Before endeavoring to introduce this volume it behooves me to spend a moment introducing myself in the interests of assuring you that this book is the creation of an active and practicing magus and not an armchair or theoretical magician. I set out on my path at age 15, primarily within the Golden Dawn system. While claiming to have practiced magick from such a young age may sound to some a flight of fancy, I can assure you it was work of a most serious nature. My teacher was an Adept in the truest sense of the word. Not one of these new age astrally initiated internet adepts, but one who played the game in its original form. I studied with him until the age of 18, when I finally opened my first of the classical grimoires, the Mathers/Crowley Goetia. That book became the catalyst for my transformation. That was 13 years ago, and I have never looked back. I have made the magick of the grimoires and the Ancients my sole pursuit and to it I have remained faithful.

While I continue to study many magickal philosophies and systems, traditional evocation and grimoire magick have become my life’s work, and in this field I have found great success. What separates me from any one of the thousands of others that make this claim is that due to a very unique set of circumstances I had four years of monastic existence wherein I had zero responsibilities, no obligations and absolutely nothing to do but read, study, theorize and practice magick. My entire life consisted of a 9 × 12 foot room where my sole possessions were a small bed, a toilet sink combination, an am/fm walkman and a small desk. As you may have guessed, I’m referring to a prison. Maximum security federal prison. For nearly 4 ½ years, that cell was my entire world, and I was permitted to leave it only for a 15 minute daily shower and one hour of exercise three times a week. I was prohibited from making even the standard prisoners’ collect calls, and every piece of mail I sent and received was photocopied and read before reaching me or leaving the walls of the prison. I was believed to hold the leadership role in what the bureau of prisons considers a Security Threat Group, and I was segregated because, quoting my classification report: Inmate’s presence in a general population or less restrictive environment would pose a threat to the safety and security of the orderly running of the institution and its staff. I was, however, permitted access to the prison chaplain and, through him, to order books via any mail order company. I offer this glimpse into my life not to convince the reader that I am some big, dark, scary figure, but because this sentence, intended to punish me for my transgressions of man’s law, became the the means by which my magickal development was facilitated, and, indeed, expedited.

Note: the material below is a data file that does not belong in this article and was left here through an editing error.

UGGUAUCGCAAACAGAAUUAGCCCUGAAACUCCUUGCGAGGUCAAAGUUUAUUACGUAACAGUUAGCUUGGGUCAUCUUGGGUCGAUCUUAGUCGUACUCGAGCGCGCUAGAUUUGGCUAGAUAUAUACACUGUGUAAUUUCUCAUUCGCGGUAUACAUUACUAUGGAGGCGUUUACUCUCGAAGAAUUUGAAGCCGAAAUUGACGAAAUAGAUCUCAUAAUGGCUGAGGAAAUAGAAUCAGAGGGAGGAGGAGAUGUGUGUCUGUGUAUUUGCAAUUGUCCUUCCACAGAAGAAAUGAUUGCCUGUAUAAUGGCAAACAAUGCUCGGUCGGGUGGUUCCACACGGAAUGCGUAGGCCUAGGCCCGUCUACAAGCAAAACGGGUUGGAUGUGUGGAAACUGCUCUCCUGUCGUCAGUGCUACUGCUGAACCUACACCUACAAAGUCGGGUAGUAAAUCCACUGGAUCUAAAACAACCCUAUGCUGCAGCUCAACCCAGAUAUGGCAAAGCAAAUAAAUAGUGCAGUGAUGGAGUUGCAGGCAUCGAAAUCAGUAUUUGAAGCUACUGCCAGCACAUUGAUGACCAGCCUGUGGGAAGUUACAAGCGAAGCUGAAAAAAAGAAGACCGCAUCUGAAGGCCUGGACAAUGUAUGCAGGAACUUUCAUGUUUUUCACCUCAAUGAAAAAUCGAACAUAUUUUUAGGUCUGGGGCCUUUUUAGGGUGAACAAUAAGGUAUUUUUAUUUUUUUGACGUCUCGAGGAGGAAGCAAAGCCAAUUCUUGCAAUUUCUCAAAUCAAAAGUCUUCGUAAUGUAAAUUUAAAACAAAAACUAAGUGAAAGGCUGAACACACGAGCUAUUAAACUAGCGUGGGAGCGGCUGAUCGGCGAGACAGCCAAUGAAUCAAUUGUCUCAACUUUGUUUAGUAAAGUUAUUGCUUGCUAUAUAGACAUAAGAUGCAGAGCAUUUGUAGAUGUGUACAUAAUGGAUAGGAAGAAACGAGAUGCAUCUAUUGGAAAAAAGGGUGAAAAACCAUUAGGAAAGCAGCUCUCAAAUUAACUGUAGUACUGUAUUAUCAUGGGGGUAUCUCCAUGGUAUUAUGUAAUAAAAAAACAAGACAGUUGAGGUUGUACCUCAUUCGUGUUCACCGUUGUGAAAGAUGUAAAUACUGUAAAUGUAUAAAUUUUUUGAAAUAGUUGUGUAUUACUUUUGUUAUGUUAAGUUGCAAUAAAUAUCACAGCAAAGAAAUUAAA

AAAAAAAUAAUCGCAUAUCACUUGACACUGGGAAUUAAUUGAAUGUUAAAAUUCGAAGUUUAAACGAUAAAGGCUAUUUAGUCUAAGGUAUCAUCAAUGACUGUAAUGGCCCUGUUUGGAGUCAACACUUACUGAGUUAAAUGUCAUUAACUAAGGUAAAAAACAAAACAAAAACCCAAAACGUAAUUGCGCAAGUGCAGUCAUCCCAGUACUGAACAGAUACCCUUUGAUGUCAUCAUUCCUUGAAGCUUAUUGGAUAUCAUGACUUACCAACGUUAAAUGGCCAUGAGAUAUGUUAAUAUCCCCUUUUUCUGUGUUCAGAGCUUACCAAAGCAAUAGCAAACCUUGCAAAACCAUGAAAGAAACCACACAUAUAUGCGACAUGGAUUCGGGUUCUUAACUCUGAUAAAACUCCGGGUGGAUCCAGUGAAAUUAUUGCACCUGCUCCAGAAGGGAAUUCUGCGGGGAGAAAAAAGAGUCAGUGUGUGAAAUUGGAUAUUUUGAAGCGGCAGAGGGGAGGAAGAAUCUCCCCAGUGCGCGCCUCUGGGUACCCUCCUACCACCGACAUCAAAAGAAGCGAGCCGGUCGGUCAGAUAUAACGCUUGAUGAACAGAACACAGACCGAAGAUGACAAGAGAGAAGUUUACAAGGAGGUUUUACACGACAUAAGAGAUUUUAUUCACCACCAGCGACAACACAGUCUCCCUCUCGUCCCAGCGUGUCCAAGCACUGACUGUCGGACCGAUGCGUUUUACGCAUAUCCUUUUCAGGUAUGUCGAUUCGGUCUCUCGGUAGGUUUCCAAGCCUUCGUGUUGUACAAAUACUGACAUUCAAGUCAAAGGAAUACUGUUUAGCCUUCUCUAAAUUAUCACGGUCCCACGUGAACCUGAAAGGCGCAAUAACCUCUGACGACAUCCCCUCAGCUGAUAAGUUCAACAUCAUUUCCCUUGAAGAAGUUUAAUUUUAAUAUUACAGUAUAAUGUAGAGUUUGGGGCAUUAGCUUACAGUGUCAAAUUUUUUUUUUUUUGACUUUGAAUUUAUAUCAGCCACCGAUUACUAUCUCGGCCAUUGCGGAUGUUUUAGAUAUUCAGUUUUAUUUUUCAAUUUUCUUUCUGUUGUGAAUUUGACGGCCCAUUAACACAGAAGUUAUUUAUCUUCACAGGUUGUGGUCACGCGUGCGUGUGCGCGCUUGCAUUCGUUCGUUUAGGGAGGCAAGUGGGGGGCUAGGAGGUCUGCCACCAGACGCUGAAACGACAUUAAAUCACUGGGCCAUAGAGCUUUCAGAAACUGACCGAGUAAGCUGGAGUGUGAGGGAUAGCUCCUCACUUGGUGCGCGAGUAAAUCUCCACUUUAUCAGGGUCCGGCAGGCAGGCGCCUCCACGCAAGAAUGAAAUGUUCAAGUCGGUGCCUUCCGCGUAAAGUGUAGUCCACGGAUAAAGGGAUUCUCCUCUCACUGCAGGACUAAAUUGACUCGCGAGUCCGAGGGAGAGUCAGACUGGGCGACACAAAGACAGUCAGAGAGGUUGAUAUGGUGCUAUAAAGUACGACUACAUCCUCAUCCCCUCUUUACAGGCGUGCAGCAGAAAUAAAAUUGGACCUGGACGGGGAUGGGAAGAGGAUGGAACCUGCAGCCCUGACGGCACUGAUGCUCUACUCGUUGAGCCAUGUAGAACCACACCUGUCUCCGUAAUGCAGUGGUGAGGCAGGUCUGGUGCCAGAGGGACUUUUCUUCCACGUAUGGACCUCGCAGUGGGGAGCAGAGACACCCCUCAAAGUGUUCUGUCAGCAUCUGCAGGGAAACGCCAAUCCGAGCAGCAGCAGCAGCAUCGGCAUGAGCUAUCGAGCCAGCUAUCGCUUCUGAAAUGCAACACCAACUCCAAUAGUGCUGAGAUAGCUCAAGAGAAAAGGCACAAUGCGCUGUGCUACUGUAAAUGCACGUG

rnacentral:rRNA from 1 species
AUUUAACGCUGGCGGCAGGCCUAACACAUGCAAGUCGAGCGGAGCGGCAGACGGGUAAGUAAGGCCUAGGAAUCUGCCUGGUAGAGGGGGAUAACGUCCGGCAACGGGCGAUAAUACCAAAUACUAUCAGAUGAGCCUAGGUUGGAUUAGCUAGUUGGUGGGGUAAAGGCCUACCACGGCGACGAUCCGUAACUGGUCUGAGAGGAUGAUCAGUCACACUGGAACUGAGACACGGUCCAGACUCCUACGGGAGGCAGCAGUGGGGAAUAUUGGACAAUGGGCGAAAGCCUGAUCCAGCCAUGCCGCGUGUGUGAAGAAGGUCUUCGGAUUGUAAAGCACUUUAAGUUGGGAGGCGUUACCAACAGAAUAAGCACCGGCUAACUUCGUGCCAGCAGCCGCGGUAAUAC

Consider if you will the scenario in which I found myself and how it differs from that of the modern Magus, who, aside from his study and practice of magick, has to simultaneously live a mundane life. I had absolutely no responsibilities, no obligations, no duty, no distraction from wife or child, no TV, no junk food or other deterrents to progress. My entire world was a 9 × 12 cement room.

I encourage each of you to sit a moment in contemplation of this. With 4 ½ years in this level of solitude, having vast experience with lucid dreaming, astral travel and magick, with nothing to keep you company but the collected works of Aleister Crowley and copies of every grimoire and magickal treatise you could find available by mail order or that you could convince the chaplain to print off the internet, and absolutely no distractions of any sort, to what heights (or depths) could your development reach?

Under those exact conditions, using candles carved out of bars of soap, incense created by using perfume and cologne sample inserts torn from magazines and ignited using the battery from my am/fm radio, other improvised tools of the arte, and an indefatigable will, I succeeded in magickal work I am convinced would have taken me decades to master in less restrictive conditions, or in the free world, having day to day life to contend with. The loss of ones freedom is indeed a great castigation, yet in my case it became more of a gift than a curse. Having absolutely no responsibility for maintaining your own existence allows one a single minded focus in which one can devote every waking thought to furtherance of your magickal career. As a result of this, I have progressed far faster than I would have otherwise, having stood before spirits regarded as Angels, and, conversely, Demons and having learned from both, the latter more so than the former.

The translation of the Black Dragon was done during that period of time. It was undertaken because, despite the great lengths the chaplain went to in trying to find me a copy in English, none was to be found. One Thursday he came to my cell with the news that only a French edition could be had. This was a source of annoyance to me, since I am easily frustrated at anything being forbidden or hidden from me. I therefore ordered the French version, several versions in fact, and undertook to translate it. While working towards a translation of the Black Dragon, I noticed that in places its author refers to the Enchiridion, which subsequently led me, upon my release, since I was unable to locate even a French copy of this work while in prison, to translate the Enchiridion as well. The work you hold in your hand is the product of that obsessive desire to possess the unattainable.

The Works

Black dragon, the common name by which the French grimoire Le Véritable Dragon Noir: Les Forces infernales soumises à l’homme has become known, is a grimoire not at all unlike its contemporaries, in that it deals with evocation of the Infernal Forces for the purpose of forcing them to do the will of the magus. The opening Preface is in fact a commentary, apparently by the Magus who set the work down on paper. In it he expounds advice and guidance which echoes that taught in nearly all of the classical grimoires, and further explains the steps of the evocations that are not found in the corpus.